Now, if you take the population of a modern liberal democracy, like Denmark, or better yet some utopian moral society of your choosing and with a thought experiment drop them into pre-Nazi Germany, my suspicion is that the results would be the same. Just as such people followed the mores of Denmark, they would soon adapt and be subject to, the moral dictates of German culture. Thus, the dominant influence is human nature, not a predisposition engrained by culture itself. Of course, I could be wrong about this. This does not mean that culture is irrelevant to human behavior, it just means that whatever culture might be in place at any given time, human beings will generally respond accordingly; i.e. they will, more-less, follow the "leader" or the norms dictated by the culture.

The implication of the above, is that we cannot blame the German people for the Holocaust by taking a "holier than thou" attitude, and assuming that had we been there we would have acted differently.

Now, I have to add an important caveat encompassing my personal worldview. What is interesting to me about the Holocaust is not trying to explain the behavior of the perpetrators, but rather the resisters. For me, this demonstrates that the moral instinct, shaped as it is by genetics and culture, coupled with genuine agent freewill, can transcend otherwise compelling environmental and genetic influences. This, of course, is very controversial, but I do not know how else to explain the resisters. And it is this belief, coupled with my skepticism of social psychology generally, that explains my reaction to "studies" that attempt to isolate and explain human behavior in simplistic terms. In many cases, particularly the more mundane cases, human behavior is just a matter of free choice--environmental and genetic factors notwithstanding. Studies, like the ones you note, invariably overlook that fact, focusing on environmental factors (e.g. separation syndrome), and weak statistical correlations. When you factor in the complexity of human behavior, I wonder just what we have learned by such studies.

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Posted by: Richard Foxe ( )
Date: February 02, 2019 07:07PM

The Nazi myth, at least in the heyday of the Third Reich, and the resisters even then--Ursula Le Guin's "The Ones Who Walk Away from Omegas"...

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Posted by: Richard Foxe ( )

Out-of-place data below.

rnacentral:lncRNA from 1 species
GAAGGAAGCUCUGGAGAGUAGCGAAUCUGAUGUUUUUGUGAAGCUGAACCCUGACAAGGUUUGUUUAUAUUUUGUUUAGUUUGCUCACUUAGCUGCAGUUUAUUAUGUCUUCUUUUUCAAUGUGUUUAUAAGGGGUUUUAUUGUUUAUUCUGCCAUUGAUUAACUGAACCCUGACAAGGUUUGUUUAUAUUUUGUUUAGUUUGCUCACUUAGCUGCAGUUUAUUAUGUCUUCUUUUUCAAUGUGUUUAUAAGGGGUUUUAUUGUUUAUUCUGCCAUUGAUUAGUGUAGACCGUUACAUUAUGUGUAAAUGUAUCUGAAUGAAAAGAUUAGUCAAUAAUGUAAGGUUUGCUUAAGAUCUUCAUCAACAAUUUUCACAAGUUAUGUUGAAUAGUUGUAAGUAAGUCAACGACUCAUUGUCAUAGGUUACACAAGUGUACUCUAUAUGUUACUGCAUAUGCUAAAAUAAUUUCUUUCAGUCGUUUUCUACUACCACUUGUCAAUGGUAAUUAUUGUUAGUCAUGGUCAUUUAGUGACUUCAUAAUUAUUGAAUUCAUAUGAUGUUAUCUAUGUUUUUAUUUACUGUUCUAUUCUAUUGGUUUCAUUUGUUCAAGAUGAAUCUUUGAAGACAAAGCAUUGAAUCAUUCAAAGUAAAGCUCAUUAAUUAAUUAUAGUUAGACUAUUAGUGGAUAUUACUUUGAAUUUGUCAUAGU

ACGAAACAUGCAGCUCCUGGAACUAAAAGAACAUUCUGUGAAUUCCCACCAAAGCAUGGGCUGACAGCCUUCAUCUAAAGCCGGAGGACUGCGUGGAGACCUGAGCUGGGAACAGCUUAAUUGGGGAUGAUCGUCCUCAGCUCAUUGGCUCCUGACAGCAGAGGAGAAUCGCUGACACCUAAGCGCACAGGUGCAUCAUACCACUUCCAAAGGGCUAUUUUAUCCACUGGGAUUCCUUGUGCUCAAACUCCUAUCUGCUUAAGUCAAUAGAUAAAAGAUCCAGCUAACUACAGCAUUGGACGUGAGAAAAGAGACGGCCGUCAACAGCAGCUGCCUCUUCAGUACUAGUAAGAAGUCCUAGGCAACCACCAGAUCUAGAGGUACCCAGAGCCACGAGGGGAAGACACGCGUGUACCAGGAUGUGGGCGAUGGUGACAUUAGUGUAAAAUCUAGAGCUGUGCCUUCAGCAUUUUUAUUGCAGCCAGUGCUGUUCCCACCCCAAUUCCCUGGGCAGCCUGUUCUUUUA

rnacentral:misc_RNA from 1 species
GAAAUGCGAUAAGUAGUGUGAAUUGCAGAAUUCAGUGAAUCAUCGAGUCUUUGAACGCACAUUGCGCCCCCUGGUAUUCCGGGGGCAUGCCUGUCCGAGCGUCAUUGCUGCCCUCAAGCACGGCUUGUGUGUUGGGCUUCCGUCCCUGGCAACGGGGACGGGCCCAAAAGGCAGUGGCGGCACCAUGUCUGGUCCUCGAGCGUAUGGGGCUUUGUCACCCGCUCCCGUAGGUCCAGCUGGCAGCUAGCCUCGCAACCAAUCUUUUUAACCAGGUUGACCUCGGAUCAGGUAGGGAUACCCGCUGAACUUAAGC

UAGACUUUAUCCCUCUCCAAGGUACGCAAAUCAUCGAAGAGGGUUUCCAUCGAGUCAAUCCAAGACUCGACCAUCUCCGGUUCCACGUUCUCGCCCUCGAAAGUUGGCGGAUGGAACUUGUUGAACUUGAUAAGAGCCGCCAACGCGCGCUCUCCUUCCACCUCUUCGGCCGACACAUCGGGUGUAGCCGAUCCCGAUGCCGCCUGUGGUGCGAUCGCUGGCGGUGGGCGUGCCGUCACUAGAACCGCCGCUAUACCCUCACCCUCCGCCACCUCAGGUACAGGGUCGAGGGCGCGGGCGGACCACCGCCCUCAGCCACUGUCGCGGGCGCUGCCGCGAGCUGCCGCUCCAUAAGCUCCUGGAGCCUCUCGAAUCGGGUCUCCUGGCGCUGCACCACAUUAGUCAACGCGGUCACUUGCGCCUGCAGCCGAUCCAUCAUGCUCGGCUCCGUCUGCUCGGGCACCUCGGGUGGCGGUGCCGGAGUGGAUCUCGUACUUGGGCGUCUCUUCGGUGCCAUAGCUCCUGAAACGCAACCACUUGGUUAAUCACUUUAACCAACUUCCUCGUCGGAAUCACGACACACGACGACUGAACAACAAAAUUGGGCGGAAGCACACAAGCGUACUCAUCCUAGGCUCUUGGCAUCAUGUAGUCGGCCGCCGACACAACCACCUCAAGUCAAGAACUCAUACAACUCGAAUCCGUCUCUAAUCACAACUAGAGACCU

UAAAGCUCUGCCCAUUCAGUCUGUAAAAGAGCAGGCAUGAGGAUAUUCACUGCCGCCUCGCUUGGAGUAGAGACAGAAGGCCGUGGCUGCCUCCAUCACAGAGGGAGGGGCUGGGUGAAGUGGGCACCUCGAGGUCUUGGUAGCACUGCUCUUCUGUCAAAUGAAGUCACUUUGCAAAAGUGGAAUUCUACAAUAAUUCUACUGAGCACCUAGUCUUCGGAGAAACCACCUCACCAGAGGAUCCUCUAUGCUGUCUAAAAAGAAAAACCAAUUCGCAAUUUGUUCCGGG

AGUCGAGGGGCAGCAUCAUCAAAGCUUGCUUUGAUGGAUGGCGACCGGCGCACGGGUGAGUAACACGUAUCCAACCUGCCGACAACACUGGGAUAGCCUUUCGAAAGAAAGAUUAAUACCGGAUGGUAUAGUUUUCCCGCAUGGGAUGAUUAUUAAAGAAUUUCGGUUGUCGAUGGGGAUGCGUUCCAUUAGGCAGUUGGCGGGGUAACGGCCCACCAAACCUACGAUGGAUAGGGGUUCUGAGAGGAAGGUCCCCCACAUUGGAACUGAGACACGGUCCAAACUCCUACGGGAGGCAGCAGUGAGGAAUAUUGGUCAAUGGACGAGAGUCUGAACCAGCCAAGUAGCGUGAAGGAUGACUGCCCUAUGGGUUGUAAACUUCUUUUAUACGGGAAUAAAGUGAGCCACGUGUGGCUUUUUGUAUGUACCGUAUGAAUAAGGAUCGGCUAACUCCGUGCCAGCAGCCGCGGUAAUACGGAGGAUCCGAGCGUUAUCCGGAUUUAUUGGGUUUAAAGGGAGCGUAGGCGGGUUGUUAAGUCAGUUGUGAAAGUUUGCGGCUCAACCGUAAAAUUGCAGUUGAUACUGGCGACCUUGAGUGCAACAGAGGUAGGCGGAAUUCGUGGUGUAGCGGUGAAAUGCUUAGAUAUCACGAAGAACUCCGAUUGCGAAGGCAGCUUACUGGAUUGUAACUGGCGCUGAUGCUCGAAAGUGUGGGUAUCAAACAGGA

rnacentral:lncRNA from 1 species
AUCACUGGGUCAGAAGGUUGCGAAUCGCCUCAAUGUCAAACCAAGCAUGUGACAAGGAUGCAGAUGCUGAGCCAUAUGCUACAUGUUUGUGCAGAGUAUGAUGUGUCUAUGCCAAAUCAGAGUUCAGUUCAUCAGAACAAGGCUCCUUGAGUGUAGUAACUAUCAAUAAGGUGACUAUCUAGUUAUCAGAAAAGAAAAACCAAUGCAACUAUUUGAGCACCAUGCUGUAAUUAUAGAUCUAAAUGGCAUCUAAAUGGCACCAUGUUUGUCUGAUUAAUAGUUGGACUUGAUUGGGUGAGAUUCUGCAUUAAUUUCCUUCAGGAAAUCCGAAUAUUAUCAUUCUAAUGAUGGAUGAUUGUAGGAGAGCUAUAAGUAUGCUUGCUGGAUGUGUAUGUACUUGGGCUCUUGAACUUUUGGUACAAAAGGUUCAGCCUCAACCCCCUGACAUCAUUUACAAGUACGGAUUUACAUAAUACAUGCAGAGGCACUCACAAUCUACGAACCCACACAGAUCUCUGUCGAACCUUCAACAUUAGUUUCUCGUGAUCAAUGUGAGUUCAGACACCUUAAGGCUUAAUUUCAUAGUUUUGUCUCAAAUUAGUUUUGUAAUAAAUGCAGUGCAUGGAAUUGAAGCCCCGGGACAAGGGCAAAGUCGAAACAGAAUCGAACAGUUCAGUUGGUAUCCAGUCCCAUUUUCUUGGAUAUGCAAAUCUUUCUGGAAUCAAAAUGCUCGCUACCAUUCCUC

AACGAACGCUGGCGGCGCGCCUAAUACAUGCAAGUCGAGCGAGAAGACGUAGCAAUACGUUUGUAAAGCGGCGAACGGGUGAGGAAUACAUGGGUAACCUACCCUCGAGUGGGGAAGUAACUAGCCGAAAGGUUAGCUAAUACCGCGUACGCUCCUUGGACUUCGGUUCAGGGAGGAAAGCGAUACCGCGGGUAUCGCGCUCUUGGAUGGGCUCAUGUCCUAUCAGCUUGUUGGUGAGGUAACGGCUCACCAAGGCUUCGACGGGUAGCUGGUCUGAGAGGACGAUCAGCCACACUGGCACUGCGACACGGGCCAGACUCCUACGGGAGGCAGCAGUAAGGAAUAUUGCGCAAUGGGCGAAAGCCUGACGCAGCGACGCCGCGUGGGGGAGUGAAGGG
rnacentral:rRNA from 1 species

Date: February 02, 2019 07:18PM

"Omelas" (autocorrect tries to stifle resistance)

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Posted by: Lot's Wife ( )
Date: February 02, 2019 08:02PM

Hi Henry,

First, we agree on the complexity of human behavior and the greater complexity of social behavior. Where we disagree is probably over the ability of analysis to identify, with some degree of confidence, the causal factors informing each.

With that said, please note that I never brought up the Holocaust. I do not think that was programmed in German culture. The question is about the relationship between culture and authority, not any particular encorporation of that relationship.


----------------
> Now, if you take the population of a modern
> liberal democracy, like Denmark, or better yet
> some utopian moral society of your choosing and
> with a thought experiment drop them into pre-Nazi
> Germany, my suspicion is that the results would be
> the same. Just as such people followed the mores
> of Denmark, they would soon adapt and be subject
> to, the moral dictates of German culture.

This is beside the point. The question isn't whether a Dane would act German if put in Germany, it is how the collective cultures differ. Would the Danish people have embraced someone like Hitler if he arose within Denmark? How about other European countries? Well, we know the results of such experiments because people like Hitler (or Mussolini) did arise in the Germano-centric (Latin European) world. The answer is that, in varying degrees, those cultures did NOT embrace such leaders.


--------------
> This . . .means that whatever culture
> might be in place at any given time, human beings
> will generally respond accordingly; i.e. they
> will, more-less, follow the "leader" or the norms
> dictated by the culture.

Precisely. The subsequent question then becomes, what cultural characteristics imply a higher probability of acquiescence in a totalitarian transformation? There are tons of good studies of this, beginning with de Toqueville's D in A, Edmund Burke on the revolution in France, Samuel Huntington on the cultural prerequisites for democracies and tyrannies, Barrington Moore's case studies on that question, Richard Pipes' treatment of Russia, etc. We know a lot about what variables that change the probabilities.


----------------------
> The implication of the above, is that we cannot
> blame the German people for the Holocaust by
> taking a "holier than thou" attitude, and assuming
> that had we been there we would have acted
> differently.

Again, I'm not discussing the Holocaust or any other specific manifestation of the combination of human nature and environment. My intuition is that a modern liberal Briton, for instance, would act like a 1930s German if--and this is the key--that Briton had grown up in Germany. What I am discussing is the spots on the spectrum occupied not by individuals but by cultures.